As Bentley notes (5.1323), "The occurrence of Moseley's title in Warburton's list of plays that were allegedly burnt by his cook is no evidence that Warburton ever owned the manuscript, or had even seen it." He adds: "It is quite unlikely that Shakespeare wrote the tragedy of Duke Humphrey, for no other reference to the title has been found. I know of no evidence as to the date or authorship of the manuscript Moseley had in 1660".
In his study of the "Shakespeare apocrypha", Brooke tentatively suggested that the "Duke Humphrey" play "may be a version of Henry VI, Part 2" (Brooke x).
Harbage too, thought "Duke Humphrey" may be a version of a known Shakespeare play, cautiously suggesting "one's first thought is that Duke Humphrey may have been a play in which the best parts of Henry VI, Parts I and II, had been salvaged" ("Palimpsest" 310), but subsequently qualifying this conjecture through the development of a suggestion that Davenport is the likely author of this play. Having argued that the lost "Henry II" may survive palimpsestually as Mountfort's Henry the Second, King of England; With The Death of Rosamond (1693), he raises the "interesting coincidence" of Drayton's Heroical Epistles containing the stories of Rosamond and Henry II, King John and Matilda, and Queen Isabella and Mortimer --- the subjects (respectively) of Henry the Second (1693), Davenport's King John and Matilda, and Edward the Third (1691). Harbage provocatively asks:
Does it not seem likely that Davenport, acting upon the suggestion of the volume of 1619 [of Drayton's poems], embarked upon the creation of a series of neo-chronicles--centring upon the loves of the English kings rather than upon their martial exploits...? ("Palimpsest" 317)
"Duke Humphrey", he notes (see above) "may treat the story of Humphrey and Elinor Cobham, which also figures in Englands Heroicall Epistles", the implication being that "Possibly Moseley attributed other Davenport plays to Shakespeare" ("Palimpsest" 317n).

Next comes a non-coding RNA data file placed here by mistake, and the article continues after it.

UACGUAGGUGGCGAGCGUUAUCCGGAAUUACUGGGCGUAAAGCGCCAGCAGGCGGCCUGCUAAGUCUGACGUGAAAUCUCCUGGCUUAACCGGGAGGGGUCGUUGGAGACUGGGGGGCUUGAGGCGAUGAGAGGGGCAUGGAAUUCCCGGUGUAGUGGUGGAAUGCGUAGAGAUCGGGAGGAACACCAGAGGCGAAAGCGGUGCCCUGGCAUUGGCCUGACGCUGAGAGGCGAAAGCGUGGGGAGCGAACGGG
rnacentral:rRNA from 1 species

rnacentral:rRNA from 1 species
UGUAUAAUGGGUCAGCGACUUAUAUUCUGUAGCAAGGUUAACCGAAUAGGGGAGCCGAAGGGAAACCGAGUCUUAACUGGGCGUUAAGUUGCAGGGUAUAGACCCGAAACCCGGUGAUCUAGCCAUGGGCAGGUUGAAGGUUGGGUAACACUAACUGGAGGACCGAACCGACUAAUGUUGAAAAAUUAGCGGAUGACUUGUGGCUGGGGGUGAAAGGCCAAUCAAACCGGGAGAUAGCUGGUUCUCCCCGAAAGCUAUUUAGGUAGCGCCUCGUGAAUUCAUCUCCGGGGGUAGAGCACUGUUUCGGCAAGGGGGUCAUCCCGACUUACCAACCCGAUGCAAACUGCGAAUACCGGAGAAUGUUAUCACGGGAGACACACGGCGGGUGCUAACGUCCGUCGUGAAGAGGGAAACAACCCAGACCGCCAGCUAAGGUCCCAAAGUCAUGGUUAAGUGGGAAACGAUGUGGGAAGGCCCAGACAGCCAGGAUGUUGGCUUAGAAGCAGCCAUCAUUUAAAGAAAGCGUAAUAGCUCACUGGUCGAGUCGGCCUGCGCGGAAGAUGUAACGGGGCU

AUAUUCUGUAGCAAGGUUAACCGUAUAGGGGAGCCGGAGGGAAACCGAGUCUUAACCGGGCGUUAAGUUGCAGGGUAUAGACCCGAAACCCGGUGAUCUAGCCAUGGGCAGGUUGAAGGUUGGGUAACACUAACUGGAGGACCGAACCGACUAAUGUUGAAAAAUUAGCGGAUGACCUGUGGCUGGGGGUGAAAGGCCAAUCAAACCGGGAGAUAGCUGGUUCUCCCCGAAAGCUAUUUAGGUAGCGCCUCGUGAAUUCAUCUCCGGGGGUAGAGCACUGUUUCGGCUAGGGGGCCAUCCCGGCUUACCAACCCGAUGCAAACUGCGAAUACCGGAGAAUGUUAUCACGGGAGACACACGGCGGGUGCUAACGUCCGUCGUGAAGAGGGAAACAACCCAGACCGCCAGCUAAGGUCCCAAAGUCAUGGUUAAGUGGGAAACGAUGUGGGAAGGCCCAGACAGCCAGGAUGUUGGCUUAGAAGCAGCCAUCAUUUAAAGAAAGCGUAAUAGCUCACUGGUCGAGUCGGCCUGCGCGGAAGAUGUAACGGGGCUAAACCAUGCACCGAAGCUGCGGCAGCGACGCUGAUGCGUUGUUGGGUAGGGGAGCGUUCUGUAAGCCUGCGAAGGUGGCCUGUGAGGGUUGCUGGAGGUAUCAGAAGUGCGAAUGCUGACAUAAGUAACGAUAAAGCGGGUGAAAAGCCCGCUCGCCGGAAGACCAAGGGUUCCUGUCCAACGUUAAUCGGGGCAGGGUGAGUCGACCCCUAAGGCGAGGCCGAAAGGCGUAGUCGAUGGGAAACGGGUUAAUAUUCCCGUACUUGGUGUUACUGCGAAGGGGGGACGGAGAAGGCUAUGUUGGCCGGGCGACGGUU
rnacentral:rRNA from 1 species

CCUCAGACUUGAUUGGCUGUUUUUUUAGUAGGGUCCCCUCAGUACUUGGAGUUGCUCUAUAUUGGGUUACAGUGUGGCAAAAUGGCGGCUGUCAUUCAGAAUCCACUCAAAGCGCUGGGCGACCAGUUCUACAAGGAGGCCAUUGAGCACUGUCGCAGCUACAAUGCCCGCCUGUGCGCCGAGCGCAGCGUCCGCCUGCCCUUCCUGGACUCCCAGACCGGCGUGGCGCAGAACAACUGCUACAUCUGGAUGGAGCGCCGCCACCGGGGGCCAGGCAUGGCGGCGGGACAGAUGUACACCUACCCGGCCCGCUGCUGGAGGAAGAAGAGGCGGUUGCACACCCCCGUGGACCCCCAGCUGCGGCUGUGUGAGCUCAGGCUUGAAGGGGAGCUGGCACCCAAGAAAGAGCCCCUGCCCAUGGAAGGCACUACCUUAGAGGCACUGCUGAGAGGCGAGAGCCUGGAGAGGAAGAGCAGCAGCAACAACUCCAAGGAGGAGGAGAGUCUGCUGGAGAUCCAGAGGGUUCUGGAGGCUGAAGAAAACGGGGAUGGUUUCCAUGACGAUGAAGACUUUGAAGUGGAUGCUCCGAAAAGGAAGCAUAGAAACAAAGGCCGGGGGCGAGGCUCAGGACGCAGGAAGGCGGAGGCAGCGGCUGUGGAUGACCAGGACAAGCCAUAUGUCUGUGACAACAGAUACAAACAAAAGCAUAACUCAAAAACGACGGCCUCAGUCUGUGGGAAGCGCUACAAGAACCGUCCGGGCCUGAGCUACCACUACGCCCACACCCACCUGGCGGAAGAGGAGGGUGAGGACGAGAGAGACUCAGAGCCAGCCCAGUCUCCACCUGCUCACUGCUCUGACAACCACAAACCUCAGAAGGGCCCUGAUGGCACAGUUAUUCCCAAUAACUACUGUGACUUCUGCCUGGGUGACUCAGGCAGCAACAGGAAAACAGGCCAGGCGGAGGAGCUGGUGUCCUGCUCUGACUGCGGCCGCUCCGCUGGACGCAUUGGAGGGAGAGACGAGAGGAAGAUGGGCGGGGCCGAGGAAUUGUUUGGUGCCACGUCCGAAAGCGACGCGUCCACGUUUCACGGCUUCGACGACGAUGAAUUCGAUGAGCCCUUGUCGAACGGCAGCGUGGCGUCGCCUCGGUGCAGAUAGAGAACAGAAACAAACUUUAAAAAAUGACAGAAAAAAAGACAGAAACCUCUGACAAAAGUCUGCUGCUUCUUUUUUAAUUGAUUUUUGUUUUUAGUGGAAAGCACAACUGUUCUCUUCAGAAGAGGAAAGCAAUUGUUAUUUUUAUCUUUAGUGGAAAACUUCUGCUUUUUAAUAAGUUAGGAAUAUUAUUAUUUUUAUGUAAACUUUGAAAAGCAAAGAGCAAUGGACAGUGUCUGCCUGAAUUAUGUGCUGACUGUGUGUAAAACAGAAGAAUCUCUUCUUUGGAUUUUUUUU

Pratt does not mention the lost play but does focus on Shakespeare's particular contributions to the evolving mythos surrounding the figure of Duke Humphrey. He describes the "twofold image" of the Duke as follows:
On the one hand, his standing as moral being, political leader, and finally martyr has resulted, to a considerable extent, from myth-making. On the other hand, his standing as a humanist, particularly in his role of patron, rests on a firm foundation of historical fact. In the two centuries following his death writers were unaware of this difference, presenting the first image as unquestioningly as the second.
To Shakespeare must go the credit of developing the image of Humphrey in the greatest detail. Some of this credit is due to his use of dramatic form, which gave him a distinct advantage in characterization over Ferrers, using the complaint, and Drayton, using the epistle. In Henry VI the clash of character, together with the compression of time, develops Humphrey as the unselfish pillar of the law to a degree not approached by either Ferrers or Drayton, though these last two writers did much, surely, to keep the myth alive. (215)
The revisers of Erskine's Biographia Dramatica simply lamented, "Could we believe it to have been really written by him, what a subject of regret would its ill fate be to every admirer of our immortal poet!" (2.93)
For What It's Worth
As noted above, Duke Humphrey appears as a character in Shakespeare's Henry VI, Part 1 and Henry VI, Part 2 (which advertises "the death of the good Duke Humphrey" prominently on its titlepage) and has minor parts in Henry IV, Part 2 and Henry V. It is not impossible that "Duke Humphrey" may have become the subject of a "spin-off" play associated with the cluster of Wars of the Roses plays in vogue in the 1590s, much like the lost "Buckingham" play may have been (see Roslyn L. Knutson's suggestion that "Buckingham" was being performed by Sussex's men when Shakespeare's Richard III was new [Repertory 70]).
"Duke Humphrey's Walk" was an aisle in St. Paul's Cathedral (before the fire); it was so named in the belief that Humphrey was buried there, and it was frequented by thieves and the impoverished. To "dine with Duke Humphrey" meant to go hungry (i.e. as the beggars there did), e.g. in Robert Greene's Theeues falling out, true-men come by their good (1615): "Some threed-bare Citizens, that from Marchants, and other good Trades, grow to be base Informers and Knights of the Post, crye out when they dine with Duke Humphrey: O what wickednesse comes from Whoores" (sig.C3), or in William Haughton's Englishmen for my money (1616): "I haue been told, that Duke Humfrie dwelles here, and that he keeps open house, and that a braue sort of Cammileres dine with him euery day" (sig.D3).
Site created and maintained by David McInnis, University of Melbourne; updated 25 Feb 2015.